2. Then, search on the company name in the search box at the top of most LinkedIn pages.

You’ll potentially find very useful information:

  • Look for a “company page” near the top of the search results. If there is one (or more), click on the links to see what information you can find.
  • Look for “Groups” associated with the employe name, hopefully including “corporate alumni” (former employees) as well as current employers, products or services, etc.
  • Lastly, look for “Jobs” links which will go to current job postings on LinkedIn for that employer. Scan the jobs listed to see which jobs are being filled, and, in large organizations, which part of the organization is hiring. When you click on a job, you will see the description (or a link to it) and you will also see the people you are connected to on LinkedIn who still work there.

Collect information on the current (or recent) organizational atmosphere, direction, and success (or failures) before you consider returning.

3. Reach out to friends who are still employees.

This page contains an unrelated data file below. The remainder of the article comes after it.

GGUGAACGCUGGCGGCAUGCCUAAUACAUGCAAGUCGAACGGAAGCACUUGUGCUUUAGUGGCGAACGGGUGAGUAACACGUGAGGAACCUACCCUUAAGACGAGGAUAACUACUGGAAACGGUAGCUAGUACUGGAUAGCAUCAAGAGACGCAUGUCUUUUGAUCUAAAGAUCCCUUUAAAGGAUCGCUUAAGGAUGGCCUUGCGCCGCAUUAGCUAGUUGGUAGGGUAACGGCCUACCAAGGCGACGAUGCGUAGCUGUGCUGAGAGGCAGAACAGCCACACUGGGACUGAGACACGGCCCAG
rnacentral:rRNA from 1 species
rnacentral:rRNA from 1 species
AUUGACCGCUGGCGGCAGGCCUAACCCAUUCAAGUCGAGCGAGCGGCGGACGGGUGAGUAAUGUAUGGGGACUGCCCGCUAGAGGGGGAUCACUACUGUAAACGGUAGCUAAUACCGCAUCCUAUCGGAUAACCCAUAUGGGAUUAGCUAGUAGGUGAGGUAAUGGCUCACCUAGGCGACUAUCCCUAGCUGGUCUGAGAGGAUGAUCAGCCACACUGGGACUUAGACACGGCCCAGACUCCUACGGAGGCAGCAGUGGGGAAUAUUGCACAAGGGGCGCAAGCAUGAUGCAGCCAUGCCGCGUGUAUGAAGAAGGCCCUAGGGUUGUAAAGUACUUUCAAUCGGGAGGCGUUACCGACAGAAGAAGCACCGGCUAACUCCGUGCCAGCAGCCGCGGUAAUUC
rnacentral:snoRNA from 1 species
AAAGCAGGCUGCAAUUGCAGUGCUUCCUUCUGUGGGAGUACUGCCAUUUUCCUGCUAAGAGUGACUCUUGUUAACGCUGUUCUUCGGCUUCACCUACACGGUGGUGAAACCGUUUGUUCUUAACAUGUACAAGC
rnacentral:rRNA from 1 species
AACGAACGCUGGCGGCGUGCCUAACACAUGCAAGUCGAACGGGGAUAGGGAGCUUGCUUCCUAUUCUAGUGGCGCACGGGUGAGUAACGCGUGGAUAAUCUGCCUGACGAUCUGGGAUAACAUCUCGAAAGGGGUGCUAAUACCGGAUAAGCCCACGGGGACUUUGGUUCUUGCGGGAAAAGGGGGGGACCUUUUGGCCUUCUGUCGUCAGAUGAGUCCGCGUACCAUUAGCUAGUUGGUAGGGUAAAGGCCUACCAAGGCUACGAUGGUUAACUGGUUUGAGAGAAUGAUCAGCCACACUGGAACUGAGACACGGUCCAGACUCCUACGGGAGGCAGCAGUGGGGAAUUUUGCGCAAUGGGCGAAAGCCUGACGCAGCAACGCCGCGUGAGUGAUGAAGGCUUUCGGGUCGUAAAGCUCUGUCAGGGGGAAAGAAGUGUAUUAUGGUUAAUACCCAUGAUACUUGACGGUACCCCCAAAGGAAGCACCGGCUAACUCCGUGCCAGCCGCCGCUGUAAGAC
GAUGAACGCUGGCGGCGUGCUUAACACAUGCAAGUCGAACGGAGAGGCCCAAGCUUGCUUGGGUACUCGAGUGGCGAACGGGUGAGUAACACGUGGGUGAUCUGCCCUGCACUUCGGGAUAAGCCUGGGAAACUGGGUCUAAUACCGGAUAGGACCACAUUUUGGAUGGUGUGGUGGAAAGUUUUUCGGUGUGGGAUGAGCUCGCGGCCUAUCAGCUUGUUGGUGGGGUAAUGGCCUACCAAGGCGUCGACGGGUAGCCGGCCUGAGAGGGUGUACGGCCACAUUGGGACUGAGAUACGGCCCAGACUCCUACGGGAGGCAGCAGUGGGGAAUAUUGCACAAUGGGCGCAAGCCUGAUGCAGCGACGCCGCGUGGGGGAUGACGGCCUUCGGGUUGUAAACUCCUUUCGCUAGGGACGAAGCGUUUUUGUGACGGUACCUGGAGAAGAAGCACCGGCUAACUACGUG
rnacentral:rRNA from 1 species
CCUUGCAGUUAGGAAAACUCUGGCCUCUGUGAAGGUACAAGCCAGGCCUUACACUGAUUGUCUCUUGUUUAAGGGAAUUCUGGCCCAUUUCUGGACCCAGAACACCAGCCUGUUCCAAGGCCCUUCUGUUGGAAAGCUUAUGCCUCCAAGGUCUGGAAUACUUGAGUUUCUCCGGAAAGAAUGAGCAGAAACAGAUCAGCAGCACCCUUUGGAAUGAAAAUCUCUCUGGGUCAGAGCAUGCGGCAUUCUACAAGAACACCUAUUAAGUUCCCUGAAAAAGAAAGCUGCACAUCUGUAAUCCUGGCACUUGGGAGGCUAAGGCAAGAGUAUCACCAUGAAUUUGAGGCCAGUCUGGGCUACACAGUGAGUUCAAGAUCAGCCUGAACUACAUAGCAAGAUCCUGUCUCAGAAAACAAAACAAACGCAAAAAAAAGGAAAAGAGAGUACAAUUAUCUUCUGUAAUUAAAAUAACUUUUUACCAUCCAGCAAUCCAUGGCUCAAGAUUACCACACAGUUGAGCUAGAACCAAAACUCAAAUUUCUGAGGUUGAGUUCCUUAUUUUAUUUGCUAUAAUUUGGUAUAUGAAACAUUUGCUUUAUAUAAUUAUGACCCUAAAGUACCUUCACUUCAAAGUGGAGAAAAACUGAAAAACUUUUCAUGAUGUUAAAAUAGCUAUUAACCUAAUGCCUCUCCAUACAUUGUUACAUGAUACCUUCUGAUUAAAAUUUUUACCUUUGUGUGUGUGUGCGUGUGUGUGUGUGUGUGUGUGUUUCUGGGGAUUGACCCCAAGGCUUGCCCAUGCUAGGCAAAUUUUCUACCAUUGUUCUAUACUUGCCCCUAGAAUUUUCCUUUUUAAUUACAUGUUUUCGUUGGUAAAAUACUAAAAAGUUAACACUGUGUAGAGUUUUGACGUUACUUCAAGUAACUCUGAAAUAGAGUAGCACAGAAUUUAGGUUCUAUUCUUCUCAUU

Employers favorite way to hire is the employee referral program (“ERP”), and that often still applies to to boomerang candidates. So, reach out to a current employee to see if that person, and ask them these questions:

  • Is the employer interested in re-hiring former employees?
  • Does the ERP apply to employees who refer former employees?
  • How happy are they to be employed by this company now?

Being referred by more than one employee can be an awkward situation, so it’s usually best to approach one person at a time rather than putting out a message inviting everyone to contact you.

More About Boomerang Employees

How to Make Employee Referral Programs Work for You

Referrals Close the Sale for a Successful Job Search

Express Lane to a New Job — Employee Referral

Finding a Job Without a Job Board

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About the author…

Online job search expert Susan P. Joyce has been observing the online job search world and teaching online job search skills since 1995. Susan is a two-time layoff “graduate” who has worked in human resources at Harvard University and in a compensation consulting firm. Since 2011, Susan has been editor and publisher of WorkCoachCafe.  A veteran of the United States Marine Corps and a recent Visiting Scholar at the MIT Sloan School of Management, Susan also edits and publishes Job-Hunt.org and is a columnist on HuffingtonPost and LinkedIn.  Follow Susan on Twitter (@jobhuntorg) and on Google+.